Give me a gigabyte

Michael Herf
October, 2001


Way back when I was little, my dad taught me the important little things that a ten-year-old should know all about (like, say, combinatorics and differential calculus.) One of the things he taught me was the idea, "A chain is as strong as its weakest link."

Then later in computer architecture class, we learned Amdahl's law (a more mathematical way of saying the same thing), that for practical purposes, says you should speed up the slowest thing in a computer before you speed up the fastest.

I'm writing this down after having the third conversation this week where I said, "You know, disks are really the bottleneck in a modern computer." And I do think the world would be a faster place for computing if disks were a lot faster.

But they aren't, and they don't seem to be getting that much faster. Someday we'll have a completely new technology to replace hard disks, but not that soon. I don't think we can speed up the "weakest link" right now.

So, instead, I'm going to do a little bit of judo here, contradict all those things I just said, and just say:

New computers should have at least a gigabyte of RAM.

In a computer system, some components can cover for the other ones - it's not a totally dependent "chain" - in fact, you can have RAM cover for a slow hard drive. It's called caching.

But, the resources must be there to do it.

So, without the emergence of faster hard drives, or failing some new type of non-volatile storage, adding more RAM can help a lot. But only if the software can take advantage.

In my estimation, lots of "almost-solved" applications on a computer today should use about 100-200 MB.

For instance, say you want to instantly search your hard drive for any keyword? This takes about 100MB. Say you want to cache the file structure so that dealing with the filesystem is faster? About 50MB. Say you want to edit a few minutes of high-quality video, compressed? A few hundred MB as well.

I really want to explain: things that take a long time on a modern computer, and some things that simply aren't possible - a decent fraction of these conditions are because the processor spends about 90% of its time waiting on other system components. There are very few tasks today that shouldn't be instantaneous.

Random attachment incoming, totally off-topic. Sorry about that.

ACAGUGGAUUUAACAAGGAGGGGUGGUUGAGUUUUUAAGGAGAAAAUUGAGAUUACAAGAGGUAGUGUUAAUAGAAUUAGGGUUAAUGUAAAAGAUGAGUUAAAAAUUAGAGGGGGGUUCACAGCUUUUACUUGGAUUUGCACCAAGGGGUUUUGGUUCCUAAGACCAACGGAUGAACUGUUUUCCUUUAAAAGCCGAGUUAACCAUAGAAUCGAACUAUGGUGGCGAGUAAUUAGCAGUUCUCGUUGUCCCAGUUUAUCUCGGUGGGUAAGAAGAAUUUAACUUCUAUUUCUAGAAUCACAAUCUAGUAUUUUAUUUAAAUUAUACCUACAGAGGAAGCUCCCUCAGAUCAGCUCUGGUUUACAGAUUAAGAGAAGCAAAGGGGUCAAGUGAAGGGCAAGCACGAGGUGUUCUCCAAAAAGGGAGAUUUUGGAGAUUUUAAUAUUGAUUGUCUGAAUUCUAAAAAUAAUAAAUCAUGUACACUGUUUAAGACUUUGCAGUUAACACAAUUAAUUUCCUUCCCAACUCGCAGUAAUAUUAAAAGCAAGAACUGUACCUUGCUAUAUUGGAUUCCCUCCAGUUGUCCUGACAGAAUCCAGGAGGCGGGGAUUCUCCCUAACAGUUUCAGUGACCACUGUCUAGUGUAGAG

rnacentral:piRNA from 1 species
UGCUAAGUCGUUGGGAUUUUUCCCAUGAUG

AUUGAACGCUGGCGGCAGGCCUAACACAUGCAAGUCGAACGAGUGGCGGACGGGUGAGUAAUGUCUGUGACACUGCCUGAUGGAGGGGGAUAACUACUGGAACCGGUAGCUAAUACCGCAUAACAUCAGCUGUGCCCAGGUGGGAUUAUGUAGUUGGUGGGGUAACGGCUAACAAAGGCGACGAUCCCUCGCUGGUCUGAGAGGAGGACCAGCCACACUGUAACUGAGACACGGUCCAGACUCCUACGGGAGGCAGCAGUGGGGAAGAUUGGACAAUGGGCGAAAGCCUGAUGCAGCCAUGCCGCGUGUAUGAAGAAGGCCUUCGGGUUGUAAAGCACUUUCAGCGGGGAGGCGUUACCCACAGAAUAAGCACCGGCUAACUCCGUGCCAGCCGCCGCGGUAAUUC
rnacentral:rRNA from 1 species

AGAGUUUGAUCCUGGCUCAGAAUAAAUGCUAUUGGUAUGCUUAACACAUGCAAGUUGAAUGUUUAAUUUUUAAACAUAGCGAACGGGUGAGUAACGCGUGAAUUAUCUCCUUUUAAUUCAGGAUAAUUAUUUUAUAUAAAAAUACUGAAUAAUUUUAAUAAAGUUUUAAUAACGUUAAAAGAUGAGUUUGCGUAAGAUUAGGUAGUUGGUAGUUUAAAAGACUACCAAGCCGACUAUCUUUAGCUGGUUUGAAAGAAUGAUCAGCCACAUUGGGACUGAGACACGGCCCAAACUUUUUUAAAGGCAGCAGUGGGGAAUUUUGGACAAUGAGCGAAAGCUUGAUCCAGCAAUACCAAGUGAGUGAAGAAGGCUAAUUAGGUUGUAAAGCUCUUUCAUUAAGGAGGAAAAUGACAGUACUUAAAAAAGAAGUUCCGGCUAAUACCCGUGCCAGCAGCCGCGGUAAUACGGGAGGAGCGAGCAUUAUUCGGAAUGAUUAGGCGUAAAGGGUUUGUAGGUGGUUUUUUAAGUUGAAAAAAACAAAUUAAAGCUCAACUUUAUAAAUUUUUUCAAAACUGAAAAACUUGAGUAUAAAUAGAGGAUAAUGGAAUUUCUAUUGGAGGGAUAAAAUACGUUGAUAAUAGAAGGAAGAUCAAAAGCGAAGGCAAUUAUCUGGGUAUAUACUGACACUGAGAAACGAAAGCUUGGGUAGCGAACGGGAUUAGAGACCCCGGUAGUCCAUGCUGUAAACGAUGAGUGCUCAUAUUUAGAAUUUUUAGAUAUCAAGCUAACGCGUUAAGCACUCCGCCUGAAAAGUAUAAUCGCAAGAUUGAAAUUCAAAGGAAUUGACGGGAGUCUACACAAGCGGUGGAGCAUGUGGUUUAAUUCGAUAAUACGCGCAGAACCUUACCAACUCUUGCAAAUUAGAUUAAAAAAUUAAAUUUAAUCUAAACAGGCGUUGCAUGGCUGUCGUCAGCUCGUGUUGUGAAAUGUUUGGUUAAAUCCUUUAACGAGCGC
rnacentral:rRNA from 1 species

The truth is that application writers are still making apps that use about 10MB, but RAM is more than 10x cheaper than when these applications were written. The modern computer is a shared resource, so you simply can't write an application (unless it's Photoshop) that requires 100MB of RAM to run.

But is there any reason for this? No.

Two years ago when I bought 128MB chips for my computer, they cost about $200 apiece. That's $1600/gigabyte. Now, two 512MB chips can be had for $24 each, or $48/gigabyte. It's simply criminal that OEMs and systems integrators are spending hundreds of dollars on the latest processor, when the state of software would be radically advanced by $40 of RAM.

Today, Dell is selling a 1.6GHz P4 with 128MB of RAM. This, clearly, is enough to run Windows XP, Outlook, and Internet Explorer together, but not much else.

Isn't this dumb? A machine with more RAM would provide a better experience (not for benchmarking, but for loading applications, switching applications, etc.) even on software today.

And the longer-term truth is that many applications would simply be better if they were engineered to use 100MB all the time.

I really believe that application writers should start asking, "What if I were running on a machine with a few GB of RAM free? How could I improve what I'm doing if that were true?"

Then write an application that, yes, uses 10MB, but given some suitable conditions, can efficiently use 100MB. (Photoshop is to be commended on this point.) This is not "bloat" - it's trading speed for size, getting around the hard-drive bottleneck, and it's the way the next generation of applications should be.